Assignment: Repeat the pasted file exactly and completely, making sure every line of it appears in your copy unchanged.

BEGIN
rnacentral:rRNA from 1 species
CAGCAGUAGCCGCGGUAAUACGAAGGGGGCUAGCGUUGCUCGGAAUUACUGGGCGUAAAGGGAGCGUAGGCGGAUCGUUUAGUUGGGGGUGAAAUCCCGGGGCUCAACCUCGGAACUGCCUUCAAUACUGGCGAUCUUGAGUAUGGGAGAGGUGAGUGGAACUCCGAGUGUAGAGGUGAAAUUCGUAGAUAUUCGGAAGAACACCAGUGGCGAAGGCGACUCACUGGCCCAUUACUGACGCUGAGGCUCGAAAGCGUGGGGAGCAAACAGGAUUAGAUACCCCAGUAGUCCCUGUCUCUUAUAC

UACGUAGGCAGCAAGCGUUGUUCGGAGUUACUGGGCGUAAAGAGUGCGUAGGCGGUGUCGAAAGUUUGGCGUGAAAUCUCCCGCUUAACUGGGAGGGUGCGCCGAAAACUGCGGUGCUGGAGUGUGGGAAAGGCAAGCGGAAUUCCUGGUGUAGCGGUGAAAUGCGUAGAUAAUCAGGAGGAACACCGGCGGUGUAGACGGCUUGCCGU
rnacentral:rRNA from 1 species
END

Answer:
rnacentral:rRNA from 1 species
CAGCAGUAGCCGCGGUAAUACGAAGGGGGCUAGCGUUGCUCGGAAUUACUGGGCGUAAAGGGAGCGUAGGCGGAUCGUUUAGUUGGGGGUGAAAUCCCGGGGCUCAACCUCGGAACUGCCUUCAAUACUGGCGAUCUUGAGUAUGGGAGAGGUGAGUGGAACUCCGAGUGUAGAGGUGAAAUUCGUAGAUAUUCGGAAGAACACCAGUGGCGAAGGCGACUCACUGGCCCAUUACUGACGCUGAGGCUCGAAAGCGUGGGGAGCAAACAGGAUUAGAUACCCCAGUAGUCCCUGUCUCUUAUAC

UACGUAGGCAGCAAGCGUUGUUCGGAGUUACUGGGCGUAAAGAGUGCGUAGGCGGUGUCGAAAGUUUGGCGUGAAAUCUCCCGCUUAACUGGGAGGGUGCGCCGAAAACUGCGGUGCUGGAGUGUGGGAAAGGCAAGCGGAAUUCCUGGUGUAGCGGUGAAAUGCGUAGAUAAUCAGGAGGAACACCGGCGGUGUAGACGGCUUGCCGU
rnacentral:rRNA from 1 species